Our goal is to encourage a culture of collaboration, inclusiveness, and creative thinking through arts based early education.
Tessera leverages a curriculum of visual, musical, movement based and multi-sensory arts to incorporate a variety of educational subjects and environmental explorations. We are a secular community linking families from North Seajttle, to Shoreline, Edmonds, and Bothell.
❄️Winter Break Wonders ❄️
Shiny Stuff and Gift Making
Monday-Friday December 18th-22nd
(Shoreline Schools off 20th-22nd)
(Edmonds Schools off all week)
9:00 – 3:00
Combine everything that glitters or shines to make the perfect gift just in time for this the holiday season. Single Day Whole Week
Sign up for our upcoming workshops while there’s still room, or see the menu above for more information on our selection of programs.
Tessera is a Greek word describing a small tile used to create mosaics. We work to provide children with opportunity for individual exploration, but also emphasize collaborative projects with peers. Every child is both a unique individual, and an integral part of our larger community. We work together to create a supportive, unhurried environment where children can focus on processes, creation and self expression.
Thanksgiving break is almost here! Celebrate with friends and fun at Tessera where we’ll be sculpting, dancing, playing music and working up a serious appetite for Thursday.
Clayplay and Autumn Creation Stations
Mon, Tues, Wed. November, 20th-22nd
(Seattle Schools off)
(Edmonds Schools off Wed 22nd) 9:00 – 3:00 Fill autumn break with arts and fun with a variety of crafts and activities at Tessera Arts! Kathryn of Clay Date will be with us Monday to teach pottery wheel skills and crating unfired clay art. Tuesday will include an optional music class with Wendy Zieve. Creative Movement and Dance with Jennifer Haywood will round out our Wednesday. Monday Tuesday Wednesday
Our community’s new home in North Seattle at the United Methodist Church near Haller Lake, is just wonderful. We have plenty of space for indoor and outdoor play, with access to a huge hall and an adjoining fenced playground!
From the door to the classroom you can see how many wonderful options for engagement and enrichment the children have.
The community garden next door allows the children an opportunity to see plants grow and food being produced as the seasons pass and the plots are tended.
A small set of stairs leads right out a window and onto the playground!
While insulated from the noise and danger of heavy traffic, our new space is easily accessible from I5 via 130th and 145th.
Our indoor play space is large enough for dance classes or to skate, scoot or play ball on rainy days
We are so grateful to the wonderful community that helped us weather the transitions brought on by the expansion of the Shoreline school district. This new space will be a great opportunity for our community to grow again.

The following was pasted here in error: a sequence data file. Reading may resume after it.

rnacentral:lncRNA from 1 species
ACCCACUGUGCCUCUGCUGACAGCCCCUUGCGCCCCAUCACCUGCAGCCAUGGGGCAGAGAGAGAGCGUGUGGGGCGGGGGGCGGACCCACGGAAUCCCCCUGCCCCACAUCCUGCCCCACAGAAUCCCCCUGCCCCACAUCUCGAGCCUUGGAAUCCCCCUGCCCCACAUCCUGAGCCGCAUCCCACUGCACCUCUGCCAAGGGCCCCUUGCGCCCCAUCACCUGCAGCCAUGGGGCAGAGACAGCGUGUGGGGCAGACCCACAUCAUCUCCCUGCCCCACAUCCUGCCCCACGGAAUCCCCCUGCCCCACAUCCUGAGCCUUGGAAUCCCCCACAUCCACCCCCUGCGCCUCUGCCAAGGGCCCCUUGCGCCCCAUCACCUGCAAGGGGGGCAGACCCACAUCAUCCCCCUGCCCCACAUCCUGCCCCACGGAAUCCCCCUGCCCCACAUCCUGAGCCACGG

Our very own swings!
Heights to climb, swift slides, and a teeter-totter
With room yo make a six or seven person play family.
Our final collaboration of the year! It would almost be sad if it weren’t so awesome. The multi caldera landscape of glorious technicolor vulcanism is a fantastic finale to a great year of collaborations.
We started with a layer of newspaper to help absorb moisture and map out the placement of the clay so every child would have their own looming volcano to work on in the whole.
It took a lot of little hands to get this much incredible detail into the base landscape. It was really fun taking turns and working together, sharing our space and making something truly epic
Our our most recent wilderness lore adventure with Hawkeye focused on wetlands.
He told us a thrilling tale of creeping through the mud, camouflaged with duckweed to the edge of a small pond in the wetlands. Hawkeye nearly touched the foot of a foraging duck. He told us that it was very fun, but very cold.
Hawkeye showed us a cattail he collected from the wetlands and we talked about all the other living things that can be found right around any given cattail in a wetland. Tadpoles, herons, egrets, dragonflies, crayfish, turtles, ducks, muskrats, snakes, raccoons, beetles and lily pads of all sizes. The kids guessed a lot of them on their own and several said they had seen some really huge lily pads before.
Hawkeye brought a lot of interesting plants and animal traces for us to study. Measuring huge skunk cabbage leaves was almost as popular as breaking their skin to release the stinky sap from inside. We examined scouring rush, which has been growing in wetlands since dinosaurs walked there!
The beaver skull was a favorite, but we also had the chance to study a raccoon pelt and a cast of its tracks as well as models of turtles and frogs. Hawkeye taught us about wetting our hands before handling a frog because it breathes through its skin and the moisture barrier will prevent our hands from drying the frog out. He also taught us how to find the flat spot behind a frogs eyes where it’s ears are, and that if the drog’s ear is larger than it’s eye it’s a male, smaller, a female.
We finished with a book called Frog Girl, by local author Paul Owen lewis, which tells of a First Nation princess who rescues the children from a frog village that have been caught in hunter’s traps.
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